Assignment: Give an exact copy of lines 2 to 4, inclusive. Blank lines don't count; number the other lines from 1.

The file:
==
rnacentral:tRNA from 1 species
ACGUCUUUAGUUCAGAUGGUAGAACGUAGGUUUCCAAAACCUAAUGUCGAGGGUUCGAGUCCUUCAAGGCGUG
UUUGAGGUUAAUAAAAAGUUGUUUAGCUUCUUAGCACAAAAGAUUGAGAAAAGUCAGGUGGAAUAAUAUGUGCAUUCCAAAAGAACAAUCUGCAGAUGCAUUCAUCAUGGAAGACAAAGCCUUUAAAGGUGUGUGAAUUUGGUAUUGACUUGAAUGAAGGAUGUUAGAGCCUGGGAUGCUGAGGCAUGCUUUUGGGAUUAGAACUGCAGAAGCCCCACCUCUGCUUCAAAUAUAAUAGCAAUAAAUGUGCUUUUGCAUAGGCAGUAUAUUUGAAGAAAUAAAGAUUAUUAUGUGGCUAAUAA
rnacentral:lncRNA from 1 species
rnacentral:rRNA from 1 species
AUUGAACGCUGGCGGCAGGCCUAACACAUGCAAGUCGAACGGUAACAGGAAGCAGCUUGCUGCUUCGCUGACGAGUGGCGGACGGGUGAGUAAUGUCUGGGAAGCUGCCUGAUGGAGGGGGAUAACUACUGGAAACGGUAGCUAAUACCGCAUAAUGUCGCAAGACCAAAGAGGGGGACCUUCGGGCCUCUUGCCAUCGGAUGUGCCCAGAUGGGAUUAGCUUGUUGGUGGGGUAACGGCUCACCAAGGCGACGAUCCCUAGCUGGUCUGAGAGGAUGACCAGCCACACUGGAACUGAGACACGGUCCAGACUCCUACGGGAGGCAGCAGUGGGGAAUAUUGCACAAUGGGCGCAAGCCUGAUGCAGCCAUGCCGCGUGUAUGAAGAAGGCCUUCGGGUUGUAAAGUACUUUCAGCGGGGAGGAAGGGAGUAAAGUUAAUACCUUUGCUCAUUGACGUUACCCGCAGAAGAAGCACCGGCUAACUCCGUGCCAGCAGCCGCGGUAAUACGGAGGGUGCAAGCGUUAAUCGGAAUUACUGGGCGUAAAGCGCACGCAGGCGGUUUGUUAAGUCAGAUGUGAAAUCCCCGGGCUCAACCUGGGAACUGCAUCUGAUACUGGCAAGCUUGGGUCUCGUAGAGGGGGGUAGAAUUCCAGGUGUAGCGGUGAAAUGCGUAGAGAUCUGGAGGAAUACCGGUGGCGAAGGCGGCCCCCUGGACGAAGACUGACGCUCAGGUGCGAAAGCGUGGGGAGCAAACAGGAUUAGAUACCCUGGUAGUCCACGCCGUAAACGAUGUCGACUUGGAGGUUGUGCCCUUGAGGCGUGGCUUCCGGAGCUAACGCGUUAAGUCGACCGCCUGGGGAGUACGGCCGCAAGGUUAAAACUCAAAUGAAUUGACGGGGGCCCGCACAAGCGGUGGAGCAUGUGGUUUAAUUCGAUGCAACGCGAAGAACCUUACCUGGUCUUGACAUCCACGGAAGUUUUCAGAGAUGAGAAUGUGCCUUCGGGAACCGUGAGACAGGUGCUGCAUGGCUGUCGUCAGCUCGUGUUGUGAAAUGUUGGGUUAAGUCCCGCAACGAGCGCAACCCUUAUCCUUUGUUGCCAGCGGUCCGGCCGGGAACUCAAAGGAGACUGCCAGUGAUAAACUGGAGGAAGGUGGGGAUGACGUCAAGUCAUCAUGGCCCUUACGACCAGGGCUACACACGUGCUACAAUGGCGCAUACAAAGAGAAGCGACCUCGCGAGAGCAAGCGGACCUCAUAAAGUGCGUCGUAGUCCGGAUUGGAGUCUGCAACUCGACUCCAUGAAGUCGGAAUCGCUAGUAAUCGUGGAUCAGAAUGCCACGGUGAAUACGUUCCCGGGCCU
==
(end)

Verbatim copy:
ACGUCUUUAGUUCAGAUGGUAGAACGUAGGUUUCCAAAACCUAAUGUCGAGGGUUCGAGUCCUUCAAGGCGUG
UUUGAGGUUAAUAAAAAGUUGUUUAGCUUCUUAGCACAAAAGAUUGAGAAAAGUCAGGUGGAAUAAUAUGUGCAUUCCAAAAGAACAAUCUGCAGAUGCAUUCAUCAUGGAAGACAAAGCCUUUAAAGGUGUGUGAAUUUGGUAUUGACUUGAAUGAAGGAUGUUAGAGCCUGGGAUGCUGAGGCAUGCUUUUGGGAUUAGAACUGCAGAAGCCCCACCUCUGCUUCAAAUAUAAUAGCAAUAAAUGUGCUUUUGCAUAGGCAGUAUAUUUGAAGAAAUAAAGAUUAUUAUGUGGCUAAUAA
rnacentral:lncRNA from 1 species